4. If you don’t know or understand, ask. The locals are friendly if you simply let them know you’re a novice but want to try. They won’t be so friendly if you barge in on the home grounds and get in their way. They get especially irritated if they offer help and you blow them off and continue to do it your way.
  5. When you are ready, give it all you’ve got and understand that it may take many trips before you are successful. The ocean doesn’t care if your successful or not and your success won’t change the tides or anything else. You don’t do it for that reason; you do it because when you finally learn how to become part of the wave you will feel the exhilaration of being part of a new environment.

A Passion for Giving People Clean Water

Liberty Galvin

During spring break 2011, I traveled to Sierra Leone with several other students to perform community development projects related to agriculture. We had the opportunity to work side-by-side with local orphans and were able to teach them techniques like how to build and care for nursery seedlings, implementing bucket-drip irrigation, and erosion control for the monsoon season. We left the children with sprouting seedlings; they left us with a memory that has helped shaped our academic aspirations and goals.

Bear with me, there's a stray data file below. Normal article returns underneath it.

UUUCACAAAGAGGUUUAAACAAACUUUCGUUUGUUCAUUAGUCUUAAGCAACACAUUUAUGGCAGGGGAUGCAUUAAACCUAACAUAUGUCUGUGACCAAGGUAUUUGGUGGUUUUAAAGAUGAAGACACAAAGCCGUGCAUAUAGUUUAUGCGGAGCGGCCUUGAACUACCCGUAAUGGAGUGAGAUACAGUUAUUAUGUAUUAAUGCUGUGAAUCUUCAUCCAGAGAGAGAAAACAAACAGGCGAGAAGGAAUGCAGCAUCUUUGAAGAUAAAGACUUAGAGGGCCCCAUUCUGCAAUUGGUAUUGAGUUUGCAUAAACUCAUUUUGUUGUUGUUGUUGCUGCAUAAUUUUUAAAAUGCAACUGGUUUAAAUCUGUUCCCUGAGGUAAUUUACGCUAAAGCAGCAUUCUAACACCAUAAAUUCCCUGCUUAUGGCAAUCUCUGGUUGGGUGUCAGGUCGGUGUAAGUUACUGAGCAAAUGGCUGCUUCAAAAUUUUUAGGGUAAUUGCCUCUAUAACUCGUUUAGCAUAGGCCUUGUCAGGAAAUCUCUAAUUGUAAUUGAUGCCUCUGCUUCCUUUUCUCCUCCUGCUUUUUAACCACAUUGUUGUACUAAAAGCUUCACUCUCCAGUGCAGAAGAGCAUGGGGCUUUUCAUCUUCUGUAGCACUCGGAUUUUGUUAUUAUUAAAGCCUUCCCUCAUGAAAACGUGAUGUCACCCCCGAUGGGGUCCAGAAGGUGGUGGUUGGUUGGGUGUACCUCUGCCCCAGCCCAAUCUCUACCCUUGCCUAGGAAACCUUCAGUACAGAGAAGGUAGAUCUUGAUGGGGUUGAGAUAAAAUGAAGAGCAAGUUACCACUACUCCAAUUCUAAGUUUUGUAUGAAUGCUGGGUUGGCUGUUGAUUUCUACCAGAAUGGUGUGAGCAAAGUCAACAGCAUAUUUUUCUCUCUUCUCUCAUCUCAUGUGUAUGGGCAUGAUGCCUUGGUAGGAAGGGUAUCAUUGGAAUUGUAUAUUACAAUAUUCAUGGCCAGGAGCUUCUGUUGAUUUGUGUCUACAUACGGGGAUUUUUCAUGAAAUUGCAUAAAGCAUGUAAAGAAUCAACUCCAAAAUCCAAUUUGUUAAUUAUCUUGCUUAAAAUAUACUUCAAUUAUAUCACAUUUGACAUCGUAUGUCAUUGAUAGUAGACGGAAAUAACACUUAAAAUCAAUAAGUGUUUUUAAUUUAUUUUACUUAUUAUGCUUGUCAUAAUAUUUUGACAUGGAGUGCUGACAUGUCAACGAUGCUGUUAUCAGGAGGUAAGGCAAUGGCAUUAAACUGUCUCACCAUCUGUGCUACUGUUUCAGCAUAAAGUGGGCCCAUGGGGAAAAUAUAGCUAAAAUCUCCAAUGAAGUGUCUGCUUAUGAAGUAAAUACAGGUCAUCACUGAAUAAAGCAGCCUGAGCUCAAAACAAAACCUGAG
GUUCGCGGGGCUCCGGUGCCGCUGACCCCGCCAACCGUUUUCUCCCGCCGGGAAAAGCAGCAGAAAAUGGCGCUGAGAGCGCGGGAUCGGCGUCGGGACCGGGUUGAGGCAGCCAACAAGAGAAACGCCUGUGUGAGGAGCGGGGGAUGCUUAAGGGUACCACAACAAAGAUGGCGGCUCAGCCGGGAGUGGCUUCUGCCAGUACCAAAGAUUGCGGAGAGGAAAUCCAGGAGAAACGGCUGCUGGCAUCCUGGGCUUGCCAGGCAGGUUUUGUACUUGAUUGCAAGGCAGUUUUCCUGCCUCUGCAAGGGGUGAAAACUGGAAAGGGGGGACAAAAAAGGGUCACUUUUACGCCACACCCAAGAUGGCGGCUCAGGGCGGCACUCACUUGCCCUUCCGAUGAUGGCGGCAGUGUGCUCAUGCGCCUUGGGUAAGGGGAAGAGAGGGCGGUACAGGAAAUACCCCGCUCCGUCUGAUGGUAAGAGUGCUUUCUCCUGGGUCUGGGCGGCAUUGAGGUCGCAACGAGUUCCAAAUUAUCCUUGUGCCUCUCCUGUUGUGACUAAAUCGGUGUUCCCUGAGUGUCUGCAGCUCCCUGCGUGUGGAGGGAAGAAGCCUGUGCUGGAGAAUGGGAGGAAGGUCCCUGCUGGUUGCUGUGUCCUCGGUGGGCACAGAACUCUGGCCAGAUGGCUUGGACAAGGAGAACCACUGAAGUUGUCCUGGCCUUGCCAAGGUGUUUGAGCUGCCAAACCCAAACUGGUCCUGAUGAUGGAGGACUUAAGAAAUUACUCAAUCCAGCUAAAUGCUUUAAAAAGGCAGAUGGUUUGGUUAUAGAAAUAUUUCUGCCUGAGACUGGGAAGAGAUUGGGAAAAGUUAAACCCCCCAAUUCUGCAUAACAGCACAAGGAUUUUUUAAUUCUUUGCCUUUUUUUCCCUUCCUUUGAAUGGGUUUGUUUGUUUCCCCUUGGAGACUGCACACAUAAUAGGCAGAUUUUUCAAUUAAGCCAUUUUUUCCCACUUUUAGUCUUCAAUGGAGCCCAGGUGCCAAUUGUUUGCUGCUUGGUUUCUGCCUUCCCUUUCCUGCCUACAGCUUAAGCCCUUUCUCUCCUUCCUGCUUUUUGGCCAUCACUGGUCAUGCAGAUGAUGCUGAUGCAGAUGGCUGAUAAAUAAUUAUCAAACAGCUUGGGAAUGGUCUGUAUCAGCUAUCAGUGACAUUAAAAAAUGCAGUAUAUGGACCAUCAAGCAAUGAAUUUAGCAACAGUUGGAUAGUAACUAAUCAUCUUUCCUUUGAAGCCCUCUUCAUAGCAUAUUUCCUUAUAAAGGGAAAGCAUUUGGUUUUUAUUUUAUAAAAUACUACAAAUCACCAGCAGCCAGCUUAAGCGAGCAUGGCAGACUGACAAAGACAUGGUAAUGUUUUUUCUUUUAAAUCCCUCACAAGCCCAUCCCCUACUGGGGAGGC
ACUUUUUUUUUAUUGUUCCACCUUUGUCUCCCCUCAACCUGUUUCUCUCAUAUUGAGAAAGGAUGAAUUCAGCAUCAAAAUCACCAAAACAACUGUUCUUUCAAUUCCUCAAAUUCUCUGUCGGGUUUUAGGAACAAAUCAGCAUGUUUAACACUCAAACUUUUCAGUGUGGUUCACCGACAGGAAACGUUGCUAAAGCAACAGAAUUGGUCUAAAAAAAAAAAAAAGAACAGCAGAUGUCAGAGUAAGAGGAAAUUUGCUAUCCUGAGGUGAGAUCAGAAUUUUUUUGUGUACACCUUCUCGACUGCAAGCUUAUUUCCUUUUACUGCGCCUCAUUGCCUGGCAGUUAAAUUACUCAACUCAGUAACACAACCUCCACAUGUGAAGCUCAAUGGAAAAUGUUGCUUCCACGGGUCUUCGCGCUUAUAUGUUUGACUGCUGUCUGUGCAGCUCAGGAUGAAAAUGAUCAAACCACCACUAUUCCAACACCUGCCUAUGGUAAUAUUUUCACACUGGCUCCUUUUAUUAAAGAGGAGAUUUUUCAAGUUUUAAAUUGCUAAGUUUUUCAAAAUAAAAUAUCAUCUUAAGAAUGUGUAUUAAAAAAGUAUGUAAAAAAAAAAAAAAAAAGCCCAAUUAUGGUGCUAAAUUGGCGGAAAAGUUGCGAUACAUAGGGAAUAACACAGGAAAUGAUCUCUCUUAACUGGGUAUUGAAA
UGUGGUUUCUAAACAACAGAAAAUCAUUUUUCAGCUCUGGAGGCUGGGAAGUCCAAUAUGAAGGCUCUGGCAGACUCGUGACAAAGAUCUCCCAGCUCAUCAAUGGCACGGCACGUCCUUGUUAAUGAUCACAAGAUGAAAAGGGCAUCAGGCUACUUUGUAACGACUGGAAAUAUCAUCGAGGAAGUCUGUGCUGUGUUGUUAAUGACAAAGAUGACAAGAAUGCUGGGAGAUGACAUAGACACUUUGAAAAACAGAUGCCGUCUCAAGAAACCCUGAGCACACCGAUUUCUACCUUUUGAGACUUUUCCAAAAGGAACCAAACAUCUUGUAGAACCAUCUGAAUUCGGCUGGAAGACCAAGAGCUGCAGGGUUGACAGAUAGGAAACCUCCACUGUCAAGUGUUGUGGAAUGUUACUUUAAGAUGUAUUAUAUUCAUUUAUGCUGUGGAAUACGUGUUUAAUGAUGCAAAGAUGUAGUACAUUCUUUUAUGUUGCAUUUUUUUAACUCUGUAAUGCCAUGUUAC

After our trip I could not contain my desire to return to Sierra Leone and continue helping the compassionate people there. I decided that focusing on water security was very important and decided building water filters was going to by my next project. I gathered a group of engineers and we returned to Sierra Leone during Christmas break of 2011, this time working with students at Njala University. The Njala students and professors were very eager for us to begin our work. After we gave the Njala students the information for the filter construction they took over the project; their passion showed in their determination to complete the construction of several filters. There were two filters formally installed and one filter container built and ready to be filled. The filters were put at primary schools; the headmasters at each school were very excited to have the clean water available for their students and encouraged project longevity.